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The multifaceted artist Paul Gauguin was born in June 1848 in Paris, France - originally named as Eugène Henri Paul Gauguin. Not only was he an exceptional painter, but was also dedicated to the art of sculpting, ceramics, printmaking, and even writing. Although Gauguin is known for being one of the greatest artists of modern history, he did not begin his career as one. He began studying in a Catholic boarding school as a child and headed to a naval preparatory school as a teenager. He would later continue in the military as a pilot assistant and eventually served in the French navy for two years. After this, at only 23 years old, Gauguin became a successful businessman as a stockbroker in Paris and continued in this path for eleven years.
Around 1873, he began painting in his free time, mostly alongside his new friend and Impressionist painter Camille Pissarro. Upcoming artists inspired Gauguin to continue in the area, as he liver nearby the cafés frequented by Impressionists, while also visiting galleries and purchasing artworks. Gauguin would eventually paint with Paul Cezanne as well, but the artist that would serve as his greatest inspiration was without a doubt, Edgar Degas. By the end of the 1870s, Gauguin was gaining much financial success as a stockbroker and as an art dealer, but this didn’t last very long. The Paris stock market crashed in 1882 affecting many businessmen, especially Gauguin who found himself losing most of his earnings. He was forced to take a different direction in his life and began painting full-time. During this period, Mette-Sophie Gad was the artist’s wife -they married in 1873 - and they had five children together. Along with the stock market crash that led to his career failure, his marriage also fell apart, resulting in his return to Paris in 1885.
Gauguin found it very difficult to re-insert himself into the art world and suffered to make a living when he arrived. In 1886, the artist exhibited almost 20 paintings at the last Impressionists exhibit, the Salon des Refusés. Although Gauguin worked with other Impressionists, he was not part of the group nor did his paintings have an Impressionist style. He eventually broke off with Pissarro because of their difference in artistic views - Pissarro was leaning towards Pointillism. Gauguin wished to go in a different direction then what was being produced in Europe at the time, and felt disappointed in the way Impressionists imitated what they saw, finding it necessary to add more symbolic depth to art. Him and other artists like Charles Laval, Émile Schuffenecker, Emile Bernard, among others, traveled to Pont-Aven, a commune in Northwestern France, creating paintings with areas of pure and bold colors, along with Symbolist characteristics. This movement became known as the Pont-Aven School, and many artists sought inspiration in exotic cultures, like the beautiful masks that came to Europe from Africa.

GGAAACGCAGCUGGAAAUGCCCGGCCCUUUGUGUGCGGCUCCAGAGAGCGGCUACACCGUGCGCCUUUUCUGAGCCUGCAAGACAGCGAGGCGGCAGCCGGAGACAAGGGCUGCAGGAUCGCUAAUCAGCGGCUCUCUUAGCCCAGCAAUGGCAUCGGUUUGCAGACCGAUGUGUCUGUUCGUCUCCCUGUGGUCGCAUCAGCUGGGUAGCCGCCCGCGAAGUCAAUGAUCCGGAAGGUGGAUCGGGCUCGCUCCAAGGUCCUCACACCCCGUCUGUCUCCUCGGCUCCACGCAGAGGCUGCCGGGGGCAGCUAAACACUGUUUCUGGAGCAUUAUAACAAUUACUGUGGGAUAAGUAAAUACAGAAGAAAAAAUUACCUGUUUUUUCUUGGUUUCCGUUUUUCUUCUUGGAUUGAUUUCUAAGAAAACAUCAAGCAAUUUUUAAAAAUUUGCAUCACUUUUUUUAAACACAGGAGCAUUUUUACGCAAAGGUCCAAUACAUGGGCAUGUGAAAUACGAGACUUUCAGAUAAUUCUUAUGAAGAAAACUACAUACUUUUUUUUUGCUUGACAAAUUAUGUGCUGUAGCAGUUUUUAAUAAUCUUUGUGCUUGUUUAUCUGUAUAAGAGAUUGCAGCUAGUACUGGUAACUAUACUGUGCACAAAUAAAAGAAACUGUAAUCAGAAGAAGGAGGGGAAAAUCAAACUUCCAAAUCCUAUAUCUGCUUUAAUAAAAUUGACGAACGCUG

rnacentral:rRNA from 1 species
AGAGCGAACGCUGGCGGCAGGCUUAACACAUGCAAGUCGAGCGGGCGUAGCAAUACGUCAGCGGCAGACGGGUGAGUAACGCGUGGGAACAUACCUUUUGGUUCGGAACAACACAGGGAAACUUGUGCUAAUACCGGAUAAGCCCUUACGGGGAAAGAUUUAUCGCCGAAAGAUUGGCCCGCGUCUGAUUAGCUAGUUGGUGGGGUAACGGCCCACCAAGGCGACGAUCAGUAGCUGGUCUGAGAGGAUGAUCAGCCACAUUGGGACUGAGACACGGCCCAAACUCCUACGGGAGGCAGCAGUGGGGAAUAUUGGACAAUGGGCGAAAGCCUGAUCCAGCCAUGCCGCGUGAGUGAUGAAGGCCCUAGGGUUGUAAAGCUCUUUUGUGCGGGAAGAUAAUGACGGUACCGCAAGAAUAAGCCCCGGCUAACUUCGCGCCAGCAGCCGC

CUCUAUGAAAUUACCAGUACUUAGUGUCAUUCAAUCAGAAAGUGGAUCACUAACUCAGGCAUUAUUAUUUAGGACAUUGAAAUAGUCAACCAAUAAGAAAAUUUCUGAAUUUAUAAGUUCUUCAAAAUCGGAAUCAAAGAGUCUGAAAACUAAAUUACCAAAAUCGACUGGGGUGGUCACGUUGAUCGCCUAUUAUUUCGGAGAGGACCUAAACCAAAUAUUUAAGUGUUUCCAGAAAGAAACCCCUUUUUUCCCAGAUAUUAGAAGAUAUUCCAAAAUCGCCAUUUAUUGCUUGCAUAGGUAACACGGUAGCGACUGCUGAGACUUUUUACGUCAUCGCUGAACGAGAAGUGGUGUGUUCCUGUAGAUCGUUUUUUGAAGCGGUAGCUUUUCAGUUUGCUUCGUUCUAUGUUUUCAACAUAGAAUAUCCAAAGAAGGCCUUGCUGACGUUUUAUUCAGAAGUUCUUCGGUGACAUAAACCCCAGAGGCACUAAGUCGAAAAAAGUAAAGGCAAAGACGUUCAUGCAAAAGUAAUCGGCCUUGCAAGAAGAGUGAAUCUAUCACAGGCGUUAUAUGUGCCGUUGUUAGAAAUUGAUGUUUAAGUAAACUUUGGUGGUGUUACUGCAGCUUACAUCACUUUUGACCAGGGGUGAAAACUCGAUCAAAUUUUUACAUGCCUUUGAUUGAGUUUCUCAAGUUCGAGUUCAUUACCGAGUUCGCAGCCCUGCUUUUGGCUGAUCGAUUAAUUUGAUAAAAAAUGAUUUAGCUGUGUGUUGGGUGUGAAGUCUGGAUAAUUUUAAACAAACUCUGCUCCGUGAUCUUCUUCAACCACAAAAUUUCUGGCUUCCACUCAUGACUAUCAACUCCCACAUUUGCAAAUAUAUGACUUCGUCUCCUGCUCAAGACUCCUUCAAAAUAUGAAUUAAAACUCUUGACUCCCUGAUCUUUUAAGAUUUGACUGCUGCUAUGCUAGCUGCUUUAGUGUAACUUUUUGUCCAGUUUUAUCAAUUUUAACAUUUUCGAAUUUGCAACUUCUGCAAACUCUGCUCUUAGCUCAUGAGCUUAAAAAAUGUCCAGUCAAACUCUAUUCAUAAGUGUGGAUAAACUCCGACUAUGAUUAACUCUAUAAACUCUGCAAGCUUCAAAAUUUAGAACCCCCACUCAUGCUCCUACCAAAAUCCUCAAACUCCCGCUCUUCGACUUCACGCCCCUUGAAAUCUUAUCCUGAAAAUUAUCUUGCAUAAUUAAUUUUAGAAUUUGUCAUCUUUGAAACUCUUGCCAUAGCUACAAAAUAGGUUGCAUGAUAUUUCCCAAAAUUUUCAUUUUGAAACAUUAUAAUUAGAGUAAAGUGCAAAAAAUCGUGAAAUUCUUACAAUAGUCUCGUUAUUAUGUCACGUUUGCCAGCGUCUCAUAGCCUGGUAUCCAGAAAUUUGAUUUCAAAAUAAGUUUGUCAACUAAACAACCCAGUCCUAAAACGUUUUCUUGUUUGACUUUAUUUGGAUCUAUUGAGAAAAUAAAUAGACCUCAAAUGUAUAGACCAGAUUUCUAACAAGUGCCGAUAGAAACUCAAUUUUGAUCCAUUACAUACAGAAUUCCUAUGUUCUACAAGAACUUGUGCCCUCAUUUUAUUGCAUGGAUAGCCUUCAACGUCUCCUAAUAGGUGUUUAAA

In 1888, Gauguin traveled to Arles, where Vincent Van Gogh was anxiously waiting for his arrival. The Dutch painter wished that Gauguin would join him in his studio, the Yellow House. They worked together for around nine weeks but had major opposing views on their production, and eventually got into a major argument that leads to Van Gogh’s meltdown and they took their separate ways. It was in 1891 that Gauguin took his most significant trip in his life with the intent of escaping the conventional and artificial aspects of civilization. It was his first time in Tahiti, and he was taken away from overall esthetic influences of the area. He registered everything he could with sketches, photographs, prints, and paintings. Woman with a Flower was the first portrait he painted of a local woman.
He returned to Paris, and the public continued not to give his art much attention. Gauguin continued to be broke and dreaming of the paradise which is Tahiti, eventually arranging cheap one-way tickets and never returning. The Modern artist passed away in 1903 at 54 years old after taking pain medication because of his many health issues. Gauguin represented one of the most influential artists of all time and was an inspiration to the work of Pablo Picasso and Henri Matisse.